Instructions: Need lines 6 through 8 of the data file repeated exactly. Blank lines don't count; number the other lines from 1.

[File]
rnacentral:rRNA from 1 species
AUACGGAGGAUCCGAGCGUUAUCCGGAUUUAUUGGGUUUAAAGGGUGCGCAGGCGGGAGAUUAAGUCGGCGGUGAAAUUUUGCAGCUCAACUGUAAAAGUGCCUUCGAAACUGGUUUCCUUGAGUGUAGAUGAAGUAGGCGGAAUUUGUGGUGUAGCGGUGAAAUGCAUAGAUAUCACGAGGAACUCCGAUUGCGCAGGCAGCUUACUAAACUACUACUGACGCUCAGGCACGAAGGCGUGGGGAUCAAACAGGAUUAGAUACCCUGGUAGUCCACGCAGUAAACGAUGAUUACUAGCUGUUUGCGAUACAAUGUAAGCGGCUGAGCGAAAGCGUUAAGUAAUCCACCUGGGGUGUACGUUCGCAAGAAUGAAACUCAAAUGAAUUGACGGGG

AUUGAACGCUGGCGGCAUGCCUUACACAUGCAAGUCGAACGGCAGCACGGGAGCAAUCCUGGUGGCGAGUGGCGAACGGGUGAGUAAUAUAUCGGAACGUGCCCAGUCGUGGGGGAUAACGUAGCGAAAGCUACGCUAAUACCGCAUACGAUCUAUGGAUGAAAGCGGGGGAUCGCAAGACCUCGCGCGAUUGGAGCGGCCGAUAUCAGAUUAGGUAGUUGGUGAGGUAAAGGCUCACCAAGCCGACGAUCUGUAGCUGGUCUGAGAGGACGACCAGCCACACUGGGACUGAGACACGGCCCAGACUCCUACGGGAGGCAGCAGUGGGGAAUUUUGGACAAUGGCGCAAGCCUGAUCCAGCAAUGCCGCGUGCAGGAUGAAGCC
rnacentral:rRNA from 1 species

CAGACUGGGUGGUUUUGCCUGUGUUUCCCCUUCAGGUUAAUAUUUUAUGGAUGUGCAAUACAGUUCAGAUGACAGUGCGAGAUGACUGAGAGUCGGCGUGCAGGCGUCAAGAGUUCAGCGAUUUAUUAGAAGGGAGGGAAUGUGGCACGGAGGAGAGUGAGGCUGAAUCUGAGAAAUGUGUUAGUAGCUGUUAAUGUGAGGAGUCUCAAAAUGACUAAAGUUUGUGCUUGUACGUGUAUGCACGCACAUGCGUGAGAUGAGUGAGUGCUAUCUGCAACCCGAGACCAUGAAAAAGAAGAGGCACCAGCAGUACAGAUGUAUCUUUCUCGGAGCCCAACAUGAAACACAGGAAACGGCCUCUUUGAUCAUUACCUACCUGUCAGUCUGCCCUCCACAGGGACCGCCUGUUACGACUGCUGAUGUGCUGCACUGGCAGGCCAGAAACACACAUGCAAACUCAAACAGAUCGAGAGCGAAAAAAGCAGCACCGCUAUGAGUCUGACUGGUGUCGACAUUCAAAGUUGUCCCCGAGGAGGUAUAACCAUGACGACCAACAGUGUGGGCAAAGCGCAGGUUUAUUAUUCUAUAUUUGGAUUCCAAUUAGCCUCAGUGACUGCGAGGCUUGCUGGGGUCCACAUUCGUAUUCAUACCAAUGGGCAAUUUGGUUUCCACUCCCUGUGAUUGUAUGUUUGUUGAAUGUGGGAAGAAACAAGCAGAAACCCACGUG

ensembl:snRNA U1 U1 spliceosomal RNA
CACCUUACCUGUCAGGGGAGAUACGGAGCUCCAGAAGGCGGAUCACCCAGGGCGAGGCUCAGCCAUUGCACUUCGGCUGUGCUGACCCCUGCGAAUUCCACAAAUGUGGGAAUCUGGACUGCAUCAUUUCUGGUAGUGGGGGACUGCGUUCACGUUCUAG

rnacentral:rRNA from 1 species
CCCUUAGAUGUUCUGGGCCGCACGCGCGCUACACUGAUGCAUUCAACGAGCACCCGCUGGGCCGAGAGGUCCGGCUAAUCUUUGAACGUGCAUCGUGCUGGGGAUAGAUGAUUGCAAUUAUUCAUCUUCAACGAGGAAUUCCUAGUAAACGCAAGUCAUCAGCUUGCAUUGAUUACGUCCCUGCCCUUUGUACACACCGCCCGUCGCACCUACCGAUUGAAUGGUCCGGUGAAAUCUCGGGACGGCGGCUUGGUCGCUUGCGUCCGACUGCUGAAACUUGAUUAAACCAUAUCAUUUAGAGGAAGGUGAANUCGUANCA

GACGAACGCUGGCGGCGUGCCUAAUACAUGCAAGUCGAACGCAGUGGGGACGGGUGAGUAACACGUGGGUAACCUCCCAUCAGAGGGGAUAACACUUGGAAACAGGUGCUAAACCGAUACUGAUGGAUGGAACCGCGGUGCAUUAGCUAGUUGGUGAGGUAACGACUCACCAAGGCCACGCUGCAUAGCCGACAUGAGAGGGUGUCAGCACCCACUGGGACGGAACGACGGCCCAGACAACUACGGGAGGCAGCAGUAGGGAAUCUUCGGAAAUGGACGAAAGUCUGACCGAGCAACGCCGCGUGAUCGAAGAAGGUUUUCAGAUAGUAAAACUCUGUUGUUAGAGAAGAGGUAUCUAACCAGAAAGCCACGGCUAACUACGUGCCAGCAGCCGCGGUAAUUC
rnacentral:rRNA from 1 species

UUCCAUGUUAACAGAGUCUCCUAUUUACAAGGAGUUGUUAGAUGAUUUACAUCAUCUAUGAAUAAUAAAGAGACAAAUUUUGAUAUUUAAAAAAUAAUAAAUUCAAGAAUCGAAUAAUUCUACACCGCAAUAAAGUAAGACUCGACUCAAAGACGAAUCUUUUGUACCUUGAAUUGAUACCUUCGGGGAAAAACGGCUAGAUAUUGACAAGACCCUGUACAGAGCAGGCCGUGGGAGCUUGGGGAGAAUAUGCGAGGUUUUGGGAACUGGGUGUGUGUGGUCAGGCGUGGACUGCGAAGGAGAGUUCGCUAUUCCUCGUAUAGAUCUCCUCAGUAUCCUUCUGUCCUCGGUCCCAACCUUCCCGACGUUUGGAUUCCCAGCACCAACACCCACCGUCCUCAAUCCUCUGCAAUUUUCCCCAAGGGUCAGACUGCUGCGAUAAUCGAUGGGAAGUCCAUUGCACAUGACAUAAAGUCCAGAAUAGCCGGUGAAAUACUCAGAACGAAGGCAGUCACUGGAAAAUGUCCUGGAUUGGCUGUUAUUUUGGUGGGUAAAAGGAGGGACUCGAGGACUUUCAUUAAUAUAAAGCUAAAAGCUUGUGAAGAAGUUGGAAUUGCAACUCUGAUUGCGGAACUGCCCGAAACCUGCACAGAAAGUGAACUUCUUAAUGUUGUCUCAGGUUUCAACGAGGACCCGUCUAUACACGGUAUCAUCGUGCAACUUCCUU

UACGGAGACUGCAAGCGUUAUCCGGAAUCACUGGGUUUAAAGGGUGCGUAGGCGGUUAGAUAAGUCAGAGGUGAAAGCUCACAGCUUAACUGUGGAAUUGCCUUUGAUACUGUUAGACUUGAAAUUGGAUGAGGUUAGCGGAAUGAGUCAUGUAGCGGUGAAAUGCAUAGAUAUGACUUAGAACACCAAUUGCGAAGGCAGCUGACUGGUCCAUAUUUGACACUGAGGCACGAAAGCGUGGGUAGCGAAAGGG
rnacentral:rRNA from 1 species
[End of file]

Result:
ensembl:snRNA U1 U1 spliceosomal RNA
CACCUUACCUGUCAGGGGAGAUACGGAGCUCCAGAAGGCGGAUCACCCAGGGCGAGGCUCAGCCAUUGCACUUCGGCUGUGCUGACCCCUGCGAAUUCCACAAAUGUGGGAAUCUGGACUGCAUCAUUUCUGGUAGUGGGGGACUGCGUUCACGUUCUAG

rnacentral:rRNA from 1 species